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HomeEditorialOpinionTHE NIGER DELTA CRISIS: Exploring The Way Forward

THE NIGER DELTA CRISIS: Exploring The Way Forward

By Jude Inyangetoh

PREAMBLE
In considering the present posture and past efforts of government at addressing the lingering crisis of the Niger Delta which fundamentally revolves around militancy and pipeline vandalism. It might be pertinent to ask: Is the Niger Delta problem truly devoid of solution? Has successive administrations ever been sincere and forthright in their approaches to addressing the problem? How does the crisis impact on the journey of our nationhood? Is military confrontation the way out of this logjam? How about the recent calls for dialogue as a means of resolving the impasse?

Indeed, the all-in-one answer to the above posers is well captured in the dictum that, ” Every locked door has a key”. Just as it is true that every problem has a solution; the Nigerian problem cannot be said to be devoid of solution. Be it the Niger Delta debacle, Boko Haram, threat to secession and even the spirited calls by well-meaning Nigerians for the restructuring of our present system of government. We can gallantly exit our parlours state and rise to greatness if our leaders would muster the political will to do the right thing at all times.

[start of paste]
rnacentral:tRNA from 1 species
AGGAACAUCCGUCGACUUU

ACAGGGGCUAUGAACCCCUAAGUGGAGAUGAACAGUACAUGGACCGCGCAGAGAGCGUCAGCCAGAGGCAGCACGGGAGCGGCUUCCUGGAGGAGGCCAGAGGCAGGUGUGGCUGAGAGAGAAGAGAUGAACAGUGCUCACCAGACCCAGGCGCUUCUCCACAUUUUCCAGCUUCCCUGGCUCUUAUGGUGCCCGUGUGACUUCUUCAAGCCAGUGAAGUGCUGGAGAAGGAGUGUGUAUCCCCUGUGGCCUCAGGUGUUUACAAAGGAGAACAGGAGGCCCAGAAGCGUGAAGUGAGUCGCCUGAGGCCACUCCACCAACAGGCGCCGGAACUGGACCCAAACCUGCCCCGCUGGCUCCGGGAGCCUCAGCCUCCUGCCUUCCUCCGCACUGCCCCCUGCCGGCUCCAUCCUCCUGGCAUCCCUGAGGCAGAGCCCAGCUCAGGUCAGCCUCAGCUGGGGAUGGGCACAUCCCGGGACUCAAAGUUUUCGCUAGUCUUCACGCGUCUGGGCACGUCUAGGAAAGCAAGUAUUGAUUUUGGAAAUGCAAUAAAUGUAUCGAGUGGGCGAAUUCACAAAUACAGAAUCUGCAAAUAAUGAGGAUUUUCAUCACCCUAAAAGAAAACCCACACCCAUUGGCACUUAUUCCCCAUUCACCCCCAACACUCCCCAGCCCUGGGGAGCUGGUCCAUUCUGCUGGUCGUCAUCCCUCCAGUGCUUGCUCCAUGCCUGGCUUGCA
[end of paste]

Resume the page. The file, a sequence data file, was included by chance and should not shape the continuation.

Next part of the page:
THE PROBLEM WITH NIGERIA
One way of doing the right thing when necessity calls is to understand the wisdom of “using what is available to get what is needed at the most efficient cost”. But from every indication, it appears to me that the Nigerian State has wittingly or unwittingly failed to tap into this sound concept of development. Our government seems to dignify the warp notion of building from outside than from within. Whereas our government wishes to ‘Leapfrog’! She has however undertaken a backward and ominous course from the “unknown to the known”, as against the forward and progressive course of stepping from the “known to unknown”. This is the problem with my country!!

THE U.S EXPERIENCE
Let’s journey into history and find out how the United States of America developed her oil refining potentials to become self-sufficient. Prior to the 19th century, Petroleum was known and utilized in various shades in Babylon, Egypt, China, Persia,Rome and Azerbaijan. However, the modern history of the petroleum industry is said to have begun in 1846 when Abraham Gessner of Nova Scotia, Canada devised a process to produce kerosene from coal. Later in 1854, Ignacy Lukasiewicz began producing kerosene from hand-dug oil wells near the town of Krosno, Poland. The first large petroleum refinery was built in ploesti, Romania in 1856 using the abundant oil available in Romania.